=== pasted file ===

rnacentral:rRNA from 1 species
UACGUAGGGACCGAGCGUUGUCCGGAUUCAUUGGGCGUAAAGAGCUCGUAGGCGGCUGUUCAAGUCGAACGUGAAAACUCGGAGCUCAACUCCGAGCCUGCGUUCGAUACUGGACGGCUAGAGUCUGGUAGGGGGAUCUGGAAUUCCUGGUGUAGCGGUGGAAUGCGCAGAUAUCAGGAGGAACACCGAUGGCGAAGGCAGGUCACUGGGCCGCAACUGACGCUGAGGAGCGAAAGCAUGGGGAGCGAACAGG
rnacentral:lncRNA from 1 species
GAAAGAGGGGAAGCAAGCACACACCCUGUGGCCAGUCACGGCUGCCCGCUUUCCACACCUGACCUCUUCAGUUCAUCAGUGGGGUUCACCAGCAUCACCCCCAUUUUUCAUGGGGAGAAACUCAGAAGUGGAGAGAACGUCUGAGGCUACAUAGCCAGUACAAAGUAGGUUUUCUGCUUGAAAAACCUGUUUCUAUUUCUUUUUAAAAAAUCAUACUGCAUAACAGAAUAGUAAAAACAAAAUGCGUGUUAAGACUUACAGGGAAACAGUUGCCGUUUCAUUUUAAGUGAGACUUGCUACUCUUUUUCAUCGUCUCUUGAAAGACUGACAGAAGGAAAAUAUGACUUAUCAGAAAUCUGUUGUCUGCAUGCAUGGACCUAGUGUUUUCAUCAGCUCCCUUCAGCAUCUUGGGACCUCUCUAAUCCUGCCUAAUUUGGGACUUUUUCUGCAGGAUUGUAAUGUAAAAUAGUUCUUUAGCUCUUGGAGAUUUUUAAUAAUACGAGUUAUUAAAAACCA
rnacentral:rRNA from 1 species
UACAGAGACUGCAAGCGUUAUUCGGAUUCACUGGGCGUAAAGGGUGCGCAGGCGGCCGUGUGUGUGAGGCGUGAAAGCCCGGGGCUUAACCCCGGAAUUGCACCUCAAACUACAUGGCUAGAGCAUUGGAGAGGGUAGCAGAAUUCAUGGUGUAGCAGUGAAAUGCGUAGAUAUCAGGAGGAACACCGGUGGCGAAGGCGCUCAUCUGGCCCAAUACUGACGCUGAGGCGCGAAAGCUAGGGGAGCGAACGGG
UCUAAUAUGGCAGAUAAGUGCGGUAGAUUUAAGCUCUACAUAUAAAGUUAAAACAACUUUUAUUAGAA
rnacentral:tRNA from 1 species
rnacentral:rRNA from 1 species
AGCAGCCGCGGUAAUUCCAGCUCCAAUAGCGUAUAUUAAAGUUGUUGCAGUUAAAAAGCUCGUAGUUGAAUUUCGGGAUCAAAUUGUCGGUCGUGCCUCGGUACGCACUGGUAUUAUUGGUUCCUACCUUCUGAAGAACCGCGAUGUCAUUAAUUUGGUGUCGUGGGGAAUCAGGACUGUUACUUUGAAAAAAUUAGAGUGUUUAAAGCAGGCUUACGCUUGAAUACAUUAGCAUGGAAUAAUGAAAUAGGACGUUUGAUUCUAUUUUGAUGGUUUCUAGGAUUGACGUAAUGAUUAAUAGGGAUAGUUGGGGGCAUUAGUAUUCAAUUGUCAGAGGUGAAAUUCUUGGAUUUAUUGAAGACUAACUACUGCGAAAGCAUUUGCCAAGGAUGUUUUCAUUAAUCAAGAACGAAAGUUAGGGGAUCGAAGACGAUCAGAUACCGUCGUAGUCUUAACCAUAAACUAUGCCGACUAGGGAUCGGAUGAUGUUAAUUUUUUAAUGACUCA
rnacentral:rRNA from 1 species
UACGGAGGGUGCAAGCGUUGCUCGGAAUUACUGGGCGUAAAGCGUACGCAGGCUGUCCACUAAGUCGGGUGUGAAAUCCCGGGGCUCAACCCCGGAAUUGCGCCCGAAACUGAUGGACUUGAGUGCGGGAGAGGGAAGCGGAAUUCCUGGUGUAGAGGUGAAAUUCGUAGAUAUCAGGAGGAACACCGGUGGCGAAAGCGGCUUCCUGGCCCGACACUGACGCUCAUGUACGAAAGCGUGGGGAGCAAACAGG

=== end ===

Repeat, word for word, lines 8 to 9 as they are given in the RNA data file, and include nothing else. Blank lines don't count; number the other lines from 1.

rnacentral:tRNA from 1 species
rnacentral:rRNA from 1 species